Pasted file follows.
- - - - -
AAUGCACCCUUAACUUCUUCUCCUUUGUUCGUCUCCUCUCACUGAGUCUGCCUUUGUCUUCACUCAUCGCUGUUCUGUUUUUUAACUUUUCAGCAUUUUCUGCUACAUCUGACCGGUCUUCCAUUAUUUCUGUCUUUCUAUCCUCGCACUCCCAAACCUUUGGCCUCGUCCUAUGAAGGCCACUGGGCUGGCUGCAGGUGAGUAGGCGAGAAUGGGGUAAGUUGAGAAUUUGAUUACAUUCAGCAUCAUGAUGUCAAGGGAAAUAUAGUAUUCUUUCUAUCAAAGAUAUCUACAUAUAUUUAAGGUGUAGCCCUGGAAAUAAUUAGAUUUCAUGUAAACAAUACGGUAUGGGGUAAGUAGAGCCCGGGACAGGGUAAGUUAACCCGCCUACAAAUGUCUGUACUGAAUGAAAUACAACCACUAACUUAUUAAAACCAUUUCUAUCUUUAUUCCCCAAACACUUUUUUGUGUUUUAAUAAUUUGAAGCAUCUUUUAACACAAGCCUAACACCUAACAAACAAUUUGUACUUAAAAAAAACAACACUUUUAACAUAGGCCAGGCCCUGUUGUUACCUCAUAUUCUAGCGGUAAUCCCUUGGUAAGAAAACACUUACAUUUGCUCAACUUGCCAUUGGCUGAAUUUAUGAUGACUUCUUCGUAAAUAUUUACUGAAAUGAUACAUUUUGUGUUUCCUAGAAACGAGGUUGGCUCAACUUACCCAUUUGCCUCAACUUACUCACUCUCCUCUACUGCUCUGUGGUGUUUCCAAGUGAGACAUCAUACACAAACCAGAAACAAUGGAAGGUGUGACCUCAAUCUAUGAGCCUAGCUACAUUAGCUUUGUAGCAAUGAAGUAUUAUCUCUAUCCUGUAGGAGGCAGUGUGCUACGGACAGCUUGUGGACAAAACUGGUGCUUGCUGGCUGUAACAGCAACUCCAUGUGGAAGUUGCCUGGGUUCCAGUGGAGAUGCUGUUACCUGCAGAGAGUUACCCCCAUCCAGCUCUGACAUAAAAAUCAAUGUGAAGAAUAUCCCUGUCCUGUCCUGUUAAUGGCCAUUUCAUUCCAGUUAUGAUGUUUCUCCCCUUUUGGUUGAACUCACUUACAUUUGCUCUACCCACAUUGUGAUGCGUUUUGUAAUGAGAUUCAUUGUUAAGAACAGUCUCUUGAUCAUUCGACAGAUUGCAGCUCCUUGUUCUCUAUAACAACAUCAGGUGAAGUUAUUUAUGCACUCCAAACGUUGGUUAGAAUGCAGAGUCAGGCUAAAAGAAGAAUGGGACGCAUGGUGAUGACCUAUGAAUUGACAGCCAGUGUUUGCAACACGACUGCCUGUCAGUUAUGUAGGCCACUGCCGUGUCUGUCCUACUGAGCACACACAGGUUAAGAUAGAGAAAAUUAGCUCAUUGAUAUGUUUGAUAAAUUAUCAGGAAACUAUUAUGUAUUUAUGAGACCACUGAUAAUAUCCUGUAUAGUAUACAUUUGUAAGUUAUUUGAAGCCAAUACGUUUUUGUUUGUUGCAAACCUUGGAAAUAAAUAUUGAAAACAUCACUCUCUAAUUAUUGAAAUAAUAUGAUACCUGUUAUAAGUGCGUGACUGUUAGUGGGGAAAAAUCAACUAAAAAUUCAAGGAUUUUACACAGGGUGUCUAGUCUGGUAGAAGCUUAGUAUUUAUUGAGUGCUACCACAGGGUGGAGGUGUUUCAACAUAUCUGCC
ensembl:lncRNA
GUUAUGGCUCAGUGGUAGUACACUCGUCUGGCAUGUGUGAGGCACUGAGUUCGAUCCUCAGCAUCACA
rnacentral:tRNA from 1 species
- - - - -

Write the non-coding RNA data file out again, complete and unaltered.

AAUGCACCCUUAACUUCUUCUCCUUUGUUCGUCUCCUCUCACUGAGUCUGCCUUUGUCUUCACUCAUCGCUGUUCUGUUUUUUAACUUUUCAGCAUUUUCUGCUACAUCUGACCGGUCUUCCAUUAUUUCUGUCUUUCUAUCCUCGCACUCCCAAACCUUUGGCCUCGUCCUAUGAAGGCCACUGGGCUGGCUGCAGGUGAGUAGGCGAGAAUGGGGUAAGUUGAGAAUUUGAUUACAUUCAGCAUCAUGAUGUCAAGGGAAAUAUAGUAUUCUUUCUAUCAAAGAUAUCUACAUAUAUUUAAGGUGUAGCCCUGGAAAUAAUUAGAUUUCAUGUAAACAAUACGGUAUGGGGUAAGUAGAGCCCGGGACAGGGUAAGUUAACCCGCCUACAAAUGUCUGUACUGAAUGAAAUACAACCACUAACUUAUUAAAACCAUUUCUAUCUUUAUUCCCCAAACACUUUUUUGUGUUUUAAUAAUUUGAAGCAUCUUUUAACACAAGCCUAACACCUAACAAACAAUUUGUACUUAAAAAAAACAACACUUUUAACAUAGGCCAGGCCCUGUUGUUACCUCAUAUUCUAGCGGUAAUCCCUUGGUAAGAAAACACUUACAUUUGCUCAACUUGCCAUUGGCUGAAUUUAUGAUGACUUCUUCGUAAAUAUUUACUGAAAUGAUACAUUUUGUGUUUCCUAGAAACGAGGUUGGCUCAACUUACCCAUUUGCCUCAACUUACUCACUCUCCUCUACUGCUCUGUGGUGUUUCCAAGUGAGACAUCAUACACAAACCAGAAACAAUGGAAGGUGUGACCUCAAUCUAUGAGCCUAGCUACAUUAGCUUUGUAGCAAUGAAGUAUUAUCUCUAUCCUGUAGGAGGCAGUGUGCUACGGACAGCUUGUGGACAAAACUGGUGCUUGCUGGCUGUAACAGCAACUCCAUGUGGAAGUUGCCUGGGUUCCAGUGGAGAUGCUGUUACCUGCAGAGAGUUACCCCCAUCCAGCUCUGACAUAAAAAUCAAUGUGAAGAAUAUCCCUGUCCUGUCCUGUUAAUGGCCAUUUCAUUCCAGUUAUGAUGUUUCUCCCCUUUUGGUUGAACUCACUUACAUUUGCUCUACCCACAUUGUGAUGCGUUUUGUAAUGAGAUUCAUUGUUAAGAACAGUCUCUUGAUCAUUCGACAGAUUGCAGCUCCUUGUUCUCUAUAACAACAUCAGGUGAAGUUAUUUAUGCACUCCAAACGUUGGUUAGAAUGCAGAGUCAGGCUAAAAGAAGAAUGGGACGCAUGGUGAUGACCUAUGAAUUGACAGCCAGUGUUUGCAACACGACUGCCUGUCAGUUAUGUAGGCCACUGCCGUGUCUGUCCUACUGAGCACACACAGGUUAAGAUAGAGAAAAUUAGCUCAUUGAUAUGUUUGAUAAAUUAUCAGGAAACUAUUAUGUAUUUAUGAGACCACUGAUAAUAUCCUGUAUAGUAUACAUUUGUAAGUUAUUUGAAGCCAAUACGUUUUUGUUUGUUGCAAACCUUGGAAAUAAAUAUUGAAAACAUCACUCUCUAAUUAUUGAAAUAAUAUGAUACCUGUUAUAAGUGCGUGACUGUUAGUGGGGAAAAAUCAACUAAAAAUUCAAGGAUUUUACACAGGGUGUCUAGUCUGGUAGAAGCUUAGUAUUUAUUGAGUGCUACCACAGGGUGGAGGUGUUUCAACAUAUCUGCC
ensembl:lncRNA
GUUAUGGCUCAGUGGUAGUACACUCGUCUGGCAUGUGUGAGGCACUGAGUUCGAUCCUCAGCAUCACA
rnacentral:tRNA from 1 species